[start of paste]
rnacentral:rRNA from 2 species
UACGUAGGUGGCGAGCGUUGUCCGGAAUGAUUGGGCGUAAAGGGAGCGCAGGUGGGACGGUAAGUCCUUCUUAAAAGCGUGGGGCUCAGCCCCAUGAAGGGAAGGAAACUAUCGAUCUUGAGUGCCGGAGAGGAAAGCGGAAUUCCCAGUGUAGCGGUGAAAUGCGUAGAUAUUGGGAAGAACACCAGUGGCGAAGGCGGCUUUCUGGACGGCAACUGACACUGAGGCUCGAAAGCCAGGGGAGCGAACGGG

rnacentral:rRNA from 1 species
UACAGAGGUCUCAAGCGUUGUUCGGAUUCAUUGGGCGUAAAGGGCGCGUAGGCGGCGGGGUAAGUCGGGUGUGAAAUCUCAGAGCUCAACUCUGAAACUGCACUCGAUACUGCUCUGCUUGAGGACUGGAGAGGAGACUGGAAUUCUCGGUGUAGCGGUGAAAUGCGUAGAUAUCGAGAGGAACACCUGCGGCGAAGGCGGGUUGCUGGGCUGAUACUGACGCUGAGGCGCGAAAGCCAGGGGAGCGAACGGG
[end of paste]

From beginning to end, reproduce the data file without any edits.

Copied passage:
rnacentral:rRNA from 2 species
UACGUAGGUGGCGAGCGUUGUCCGGAAUGAUUGGGCGUAAAGGGAGCGCAGGUGGGACGGUAAGUCCUUCUUAAAAGCGUGGGGCUCAGCCCCAUGAAGGGAAGGAAACUAUCGAUCUUGAGUGCCGGAGAGGAAAGCGGAAUUCCCAGUGUAGCGGUGAAAUGCGUAGAUAUUGGGAAGAACACCAGUGGCGAAGGCGGCUUUCUGGACGGCAACUGACACUGAGGCUCGAAAGCCAGGGGAGCGAACGGG

rnacentral:rRNA from 1 species
UACAGAGGUCUCAAGCGUUGUUCGGAUUCAUUGGGCGUAAAGGGCGCGUAGGCGGCGGGGUAAGUCGGGUGUGAAAUCUCAGAGCUCAACUCUGAAACUGCACUCGAUACUGCUCUGCUUGAGGACUGGAGAGGAGACUGGAAUUCUCGGUGUAGCGGUGAAAUGCGUAGAUAUCGAGAGGAACACCUGCGGCGAAGGCGGGUUGCUGGGCUGAUACUGACGCUGAGGCGCGAAAGCCAGGGGAGCGAACGGG